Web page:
Prodigy’s Best Verses

As Q-Tip once stated, there’s a difference between hard and dark. M.O.P. is hard: aggression, clenched fists, screams, bludgeonings. Dark is sexy, scary, likeable, menacing, tempting. Prodigy of Mobb Deep was one of the best rappers on the planet because he was dark. He didn’t have Pac’s tortured thug activist energy, Big’s charisma or hitmaking ease, Nas’s wisdom combined with the ear of a jazz musician. It didn’t matter. While other rappers laughed and joked, or screamed in your ear, Prodigy calmly explained how he would end your life while referencing the Book of Revelations and the Illuminati.

He was the best writer of threats in rap history, a vivid crime fetishist, and a conspiracy theory magnet. The most famous lines from Prodigy were hostile (“There’s a war going on outside no man is safe from”), visual (“Stab your brain with your nose bone”), vulnerable (“I put my lifetime in between the paper’s lines”), and grim (“My attitude is all fucked up and real shitty”). If you lived on the east coast from 1995-1999, you remember each summer as one that Prodigy dominated — via radio, clubs, mixtapes, and guest appearances, with Havoc in Mobb Deep or solo. His greatness, like his delivery, was understated. But he was on everyone’s radar: features with LL Cool J, Big Pun, 50 Cent, Mariah Carey, even Shaq; classhes, both on wax and in person, with 2pac, Jay-Z, Saigon, Keith Murray, Nas, and Tru Life. His resilience was staggering — Mobb Deep peaked in ’99 but Prodigy’s solo career never cooled off. He released the excellent Albert Einstein with Alchemist in 2013, and dropped The Hegelian Dialectic in early 2017.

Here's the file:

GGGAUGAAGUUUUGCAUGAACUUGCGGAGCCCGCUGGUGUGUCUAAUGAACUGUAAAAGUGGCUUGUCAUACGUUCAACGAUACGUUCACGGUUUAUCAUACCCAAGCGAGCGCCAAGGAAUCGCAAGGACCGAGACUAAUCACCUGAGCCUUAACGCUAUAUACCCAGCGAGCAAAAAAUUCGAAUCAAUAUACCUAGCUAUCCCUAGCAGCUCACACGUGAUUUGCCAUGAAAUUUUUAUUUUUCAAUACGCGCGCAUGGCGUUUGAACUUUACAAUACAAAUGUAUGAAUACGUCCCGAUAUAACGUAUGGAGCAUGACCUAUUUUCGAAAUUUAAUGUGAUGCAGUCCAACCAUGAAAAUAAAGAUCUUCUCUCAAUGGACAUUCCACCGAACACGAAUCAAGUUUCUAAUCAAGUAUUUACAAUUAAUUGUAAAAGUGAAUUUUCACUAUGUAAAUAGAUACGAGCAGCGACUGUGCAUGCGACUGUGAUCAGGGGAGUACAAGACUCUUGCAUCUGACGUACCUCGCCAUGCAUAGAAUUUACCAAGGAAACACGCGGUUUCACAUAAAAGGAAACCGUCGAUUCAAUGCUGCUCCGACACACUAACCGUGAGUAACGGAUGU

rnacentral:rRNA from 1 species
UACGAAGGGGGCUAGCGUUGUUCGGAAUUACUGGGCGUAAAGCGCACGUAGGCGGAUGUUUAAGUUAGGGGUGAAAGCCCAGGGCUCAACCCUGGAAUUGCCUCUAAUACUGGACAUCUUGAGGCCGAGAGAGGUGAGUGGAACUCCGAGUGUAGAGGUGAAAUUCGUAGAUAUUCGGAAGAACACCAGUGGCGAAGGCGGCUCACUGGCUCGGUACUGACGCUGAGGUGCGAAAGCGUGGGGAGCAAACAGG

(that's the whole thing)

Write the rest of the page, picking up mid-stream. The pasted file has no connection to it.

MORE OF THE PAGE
He grew up the child of musicians but took rap deadly serious. He was terrifying as a 19 year old and a master of his craft by 22. He survived prison, shootouts, dozens of beefs, and multiple record deals. He dedicated his life to rap since getting signed at 17 and passed away suddenly days after performing with Havoc, Raekwon, and Ghostface in Las Vegas. Prodigy may be gone, but as the novelist Margaret Stohl said, “Darkness does not leave us as easily as we hope.”